aboriginal races, and an outline of the history of the whites since
their first arrival, four centuries ago. The earlier events are lightly
touched on, while those which have brought about the present political
situation are more fully related. In the third part of the book, asking
the reader to accompany me on the long journey from Cape Town to the
Zambesi Valley and back again, I have given in four chapters a
description of the far interior as one sees it passing from barbarism to
civilization--its scenery, the prospects of its material development,
the life which its new settlers lead. These regions, being the part of
the country most lately brought under European administration, seem to
deserve a fuller treatment than the older and better-known regions.
Three other chapters give a more summary account of Natal, of the
Transvaal gold-fields, of that model republic the Orange Free State, and
of Basutoland, a native state under British protection which possesses
many features of peculiar interest. In the fourth and last division of
the book several questions of a more general character are dealt with
which could not conveniently be brought into either the historical or
the descriptive parts. I have selected for discussion those topics which
are of most permanent importance and as to which the reader is most
likely to be curious. Among them are the condition of the natives, and
their relations to the white people; the aspects of social and political
life; the situation of affairs in the Transvaal in 1895, and the causes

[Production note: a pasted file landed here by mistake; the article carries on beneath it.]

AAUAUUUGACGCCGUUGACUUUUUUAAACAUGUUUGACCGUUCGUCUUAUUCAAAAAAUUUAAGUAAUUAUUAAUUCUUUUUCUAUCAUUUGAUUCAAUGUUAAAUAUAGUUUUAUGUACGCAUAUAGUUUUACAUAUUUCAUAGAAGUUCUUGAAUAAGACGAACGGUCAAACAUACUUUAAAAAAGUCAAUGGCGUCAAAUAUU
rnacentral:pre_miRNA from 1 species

which brought about the Reform rising and the expedition of Dr. Jameson;
and finally, the economic prospects of the country, and the political
future of its colonies and republics.

In these concluding chapters, as well as in the historical sketch, my
aim has been to set forth and explain facts rather than to pass
judgments upon the character and conduct of individuals. Whoever desires
to help others to a fair view of current events must try not only to be
impartial, but also to avoid expressing opinions when the grounds for
those opinions cannot be fully stated; and where controversy is raging
round the events to be described, no judgment passed on individual
actors could fail to be deemed partial by one set of partizans or by the
other. Feeling sure that the present problems will take some time to
solve, I have sought to write what those who desire to understand the
country may find useful even after the next few years have passed. And,
so far from wishing to champion any view or to throw any fresh logs on
the fire of controversy that has been blazing for the last few years, I
am convinced that the thing now most needed in the interests of South